Lionsgate via Everett Collection
There are certain songs that transport you back to movie scenes as soon as you hear them. Sometimes that makes you feel warm inside, sometimes it inspires you, and other times it gives you the willies. We're taking a look at the songs that we can't help but associate with the big screen, toucing on the best love songs in films and the most inspirational songs in movies. Here, though, we take a look at the pop songs that suddenly became creepy once these movies got ahold of them.
"Hip To Be Square" in American Psycho
Who knew that ax-wielding psychopaths dig Huey Lewis and the News (as well as Phil Collins)? At least Christian Bale took the time to make sure not to mess up his killer designer suit.
"Stuck in the Middle with You" in Reservoir Dogs
"Tiptoe Through the Tulips" in Insidious
If you're old enough to remember him, than you already know that Tiny Tim was plenty scary on his own. Adding some nightmare-inducing marionettes to his ukulele strumming is just not fair.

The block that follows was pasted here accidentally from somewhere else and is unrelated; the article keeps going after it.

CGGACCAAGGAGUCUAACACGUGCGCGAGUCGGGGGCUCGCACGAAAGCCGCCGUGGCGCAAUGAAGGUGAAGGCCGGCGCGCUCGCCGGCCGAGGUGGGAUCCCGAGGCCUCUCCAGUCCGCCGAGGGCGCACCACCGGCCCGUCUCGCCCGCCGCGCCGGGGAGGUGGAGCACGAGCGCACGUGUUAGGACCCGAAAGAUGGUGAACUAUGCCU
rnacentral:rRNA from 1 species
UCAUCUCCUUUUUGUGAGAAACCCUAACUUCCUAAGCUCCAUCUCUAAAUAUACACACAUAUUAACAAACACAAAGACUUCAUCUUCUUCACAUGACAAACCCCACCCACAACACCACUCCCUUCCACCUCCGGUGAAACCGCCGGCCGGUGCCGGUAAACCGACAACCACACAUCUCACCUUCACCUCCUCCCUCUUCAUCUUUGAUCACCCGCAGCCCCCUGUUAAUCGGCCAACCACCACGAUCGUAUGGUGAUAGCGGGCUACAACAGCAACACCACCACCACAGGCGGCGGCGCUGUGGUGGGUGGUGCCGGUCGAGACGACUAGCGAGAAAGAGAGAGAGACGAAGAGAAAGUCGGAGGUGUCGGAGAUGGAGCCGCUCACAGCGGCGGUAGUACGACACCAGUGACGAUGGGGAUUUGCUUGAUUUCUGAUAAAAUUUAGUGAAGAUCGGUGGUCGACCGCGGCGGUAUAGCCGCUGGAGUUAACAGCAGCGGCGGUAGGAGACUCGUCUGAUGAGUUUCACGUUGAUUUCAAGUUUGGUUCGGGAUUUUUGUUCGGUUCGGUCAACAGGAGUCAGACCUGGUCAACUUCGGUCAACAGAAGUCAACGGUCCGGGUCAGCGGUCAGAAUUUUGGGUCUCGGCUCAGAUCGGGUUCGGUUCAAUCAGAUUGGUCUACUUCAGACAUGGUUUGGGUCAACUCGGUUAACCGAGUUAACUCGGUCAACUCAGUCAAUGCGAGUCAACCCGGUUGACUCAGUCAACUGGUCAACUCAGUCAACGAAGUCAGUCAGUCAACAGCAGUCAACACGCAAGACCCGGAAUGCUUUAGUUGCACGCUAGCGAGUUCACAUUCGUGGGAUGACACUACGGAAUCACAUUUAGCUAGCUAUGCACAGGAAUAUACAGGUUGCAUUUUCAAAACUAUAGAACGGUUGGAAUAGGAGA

"Hurdy Gurdy Man" in Zodiac
Donovan was just singing about a guy playing an odd musical instrument… we're pretty sure that he wasn't looking to provide a theme song for a serial killer. David Fincher used it to such effect in his film that others followed, turning it into the go-to '60s track for creeping everyone out.
"Jessie's Girl" and "Sister Christian" in Boogie Nights
It's not a horror movie, or even a thriller, but when Alfred Molina starts smoking crack in his underwear to his mix-tape of Rick Springfield and Night Ranger it certainly is enough to weird anyone out. We jumped right along with Mark Wahlberg and John C. Reilly every time a firecracker went off.
"In Dreams" in Blue Velvet
The granddaddy of them all. David Lynch's movie is disturbing on any number of levels, but the scene of Dennis Hopper's sexual deviant beating the snot out of Kyle MacLachlan while Roy Orbison's voice pipes out of a car radio has been the basis for too many night terrors to count.
"Girl, You'll Be a Woman Soon" in Pulp Fiction
The first time that you see it there isn't anything wrong with Uma Thurman dancing around to the Urge Overkill remake of a Neil Diamond song while John Travolta gives himself a bathroom pep talk. It's on the repeat viewings when you know what's going to happen afterwards that it makes you a little uneasy (especially if you're afraid of needles).
The Carpenters and Sonny and Cher are about as innocent as you can possibly get when it comes to pop music… and the two films are not anything alike. With that said, if we are ever in a hotel and the stupid clock radio starts repeatedly playing a song on its own, we're checking out right then and there. And, if the song is John Denver's "Rocky Mountain High," the tipoff to impending death in the Final Destination movies, we're running as fast as we can.